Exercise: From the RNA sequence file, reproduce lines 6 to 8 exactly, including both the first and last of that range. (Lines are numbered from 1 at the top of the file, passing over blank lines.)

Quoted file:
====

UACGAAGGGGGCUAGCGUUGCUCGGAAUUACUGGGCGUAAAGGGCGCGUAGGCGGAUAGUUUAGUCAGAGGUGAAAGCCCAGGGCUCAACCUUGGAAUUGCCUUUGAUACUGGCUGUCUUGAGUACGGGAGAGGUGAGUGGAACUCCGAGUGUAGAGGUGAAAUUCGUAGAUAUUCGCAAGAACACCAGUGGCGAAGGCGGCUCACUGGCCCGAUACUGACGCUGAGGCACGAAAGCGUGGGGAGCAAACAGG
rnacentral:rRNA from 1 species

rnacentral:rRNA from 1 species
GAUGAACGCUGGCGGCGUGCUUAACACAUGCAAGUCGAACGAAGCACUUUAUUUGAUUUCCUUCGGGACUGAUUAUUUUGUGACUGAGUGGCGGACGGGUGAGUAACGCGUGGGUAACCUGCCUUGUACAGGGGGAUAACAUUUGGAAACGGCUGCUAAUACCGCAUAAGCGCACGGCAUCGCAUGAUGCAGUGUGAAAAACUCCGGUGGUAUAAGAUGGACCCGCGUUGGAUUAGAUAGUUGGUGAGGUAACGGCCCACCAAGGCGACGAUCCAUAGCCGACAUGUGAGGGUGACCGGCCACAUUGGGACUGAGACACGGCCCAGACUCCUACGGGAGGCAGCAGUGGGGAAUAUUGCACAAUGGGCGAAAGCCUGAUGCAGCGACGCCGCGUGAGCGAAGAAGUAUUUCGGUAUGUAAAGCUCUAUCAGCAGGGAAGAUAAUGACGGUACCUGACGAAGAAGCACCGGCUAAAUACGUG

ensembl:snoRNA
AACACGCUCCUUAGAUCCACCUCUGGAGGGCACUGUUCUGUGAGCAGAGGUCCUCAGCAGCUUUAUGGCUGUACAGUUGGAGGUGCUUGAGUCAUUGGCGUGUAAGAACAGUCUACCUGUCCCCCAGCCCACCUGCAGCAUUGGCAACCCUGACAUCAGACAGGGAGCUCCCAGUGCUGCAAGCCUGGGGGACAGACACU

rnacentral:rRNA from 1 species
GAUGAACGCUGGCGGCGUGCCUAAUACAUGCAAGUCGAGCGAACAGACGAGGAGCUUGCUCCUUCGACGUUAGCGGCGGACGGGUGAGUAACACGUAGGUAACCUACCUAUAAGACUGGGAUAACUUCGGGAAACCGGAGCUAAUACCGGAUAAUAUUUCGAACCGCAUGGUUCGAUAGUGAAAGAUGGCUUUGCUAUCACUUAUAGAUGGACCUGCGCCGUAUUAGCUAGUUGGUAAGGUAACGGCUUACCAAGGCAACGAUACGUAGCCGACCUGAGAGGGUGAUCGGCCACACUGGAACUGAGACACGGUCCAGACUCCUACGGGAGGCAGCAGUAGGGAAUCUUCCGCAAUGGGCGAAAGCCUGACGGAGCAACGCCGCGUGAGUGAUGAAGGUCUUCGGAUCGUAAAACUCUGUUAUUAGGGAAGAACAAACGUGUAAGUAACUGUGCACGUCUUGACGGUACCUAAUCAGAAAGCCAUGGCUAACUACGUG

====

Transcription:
AACACGCUCCUUAGAUCCACCUCUGGAGGGCACUGUUCUGUGAGCAGAGGUCCUCAGCAGCUUUAUGGCUGUACAGUUGGAGGUGCUUGAGUCAUUGGCGUGUAAGAACAGUCUACCUGUCCCCCAGCCCACCUGCAGCAUUGGCAACCCUGACAUCAGACAGGGAGCUCCCAGUGCUGCAAGCCUGGGGGACAGACACU

rnacentral:rRNA from 1 species
GAUGAACGCUGGCGGCGUGCCUAAUACAUGCAAGUCGAGCGAACAGACGAGGAGCUUGCUCCUUCGACGUUAGCGGCGGACGGGUGAGUAACACGUAGGUAACCUACCUAUAAGACUGGGAUAACUUCGGGAAACCGGAGCUAAUACCGGAUAAUAUUUCGAACCGCAUGGUUCGAUAGUGAAAGAUGGCUUUGCUAUCACUUAUAGAUGGACCUGCGCCGUAUUAGCUAGUUGGUAAGGUAACGGCUUACCAAGGCAACGAUACGUAGCCGACCUGAGAGGGUGAUCGGCCACACUGGAACUGAGACACGGUCCAGACUCCUACGGGAGGCAGCAGUAGGGAAUCUUCCGCAAUGGGCGAAAGCCUGACGGAGCAACGCCGCGUGAGUGAUGAAGGUCUUCGGAUCGUAAAACUCUGUUAUUAGGGAAGAACAAACGUGUAAGUAACUGUGCACGUCUUGACGGUACCUAAUCAGAAAGCCAUGGCUAACUACGUG